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Thursday, June 22, 2017

Where does your drinking water come from?

The water you are drinking may have traveled more than 50 miles before it reaches your house. Water enjoyed by the residents of Westminster begins life high in the Colorado mountains on the Continental Divide, and travels from Clear Creek to Standley Lake via a series of ditches.

As spring and summer temperatures in the high country increase, melting snowpack translates to increased flows in Clear Creek and the eventual start of the streamflow season. This annual event means that Westminster, along with its partners in Standley Lake, can start filling reservoirs from ditches carrying that runoff water. In most years, there is sufficient runoff in Clear Creek to fill Standley Lake.

To get the water from Clear Creek to Standley Lake, Westminster has ownership in several ditch companies. Many of the state’s ditch companies were created over 100 years ago to move water from rivers and creeks to mining camps and farms, and cities now use these ditches for municipal water needs. Westminster’s ditches include the Farmers’ High Line Canal and Reservoir Company, the Church Ditch Water Authority, and the Farmers Reservoir and Irrigation. These ditches transport a majority of the city’s water to Standley Lake, and run almost all year long, even in the winter months.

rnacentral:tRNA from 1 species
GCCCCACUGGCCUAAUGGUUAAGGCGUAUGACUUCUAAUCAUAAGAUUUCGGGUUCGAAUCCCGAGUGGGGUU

In the off-season when ditches are not flowing, ditch company staff work on infrastructure projects to ensure the smooth operation of measuring devices all the way from Golden to Standley Lake. When the ditches are first turned on for the year, staff remove trash and tree limbs that accumulate along the way so that water flows smoothly and no impurities reach Standley Lake. Westminster water quality staff monitor and test the water all year along its journey to Standley Lake to make sure that water that enters the lake meets the highest standards. If there are a lot of impurities in the creek, city staff can make the decision not to take that water into Standley Lake until the quality has improved.

Colorado water law governs how much water each user owns and how much they can take. State water commissioners actively monitor each water basin to make sure the correct amount of water withdrawn by each water user is the amount they are entitled to take. All year long, full-time ditch company staff continually adjust the intake gates from Clear Creek to the ditches to meet the commissioners’ directives.

So as you pour yourself a fresh glass of Westminster water today, take a moment to look out your window towards the Rocky Mountains and picture the amazing journey your water has taken!  Down mountains, through streams, collected into lakes and delivered through pipes…and shepherded along the way by the helping hands of dedicated Westminster employees.

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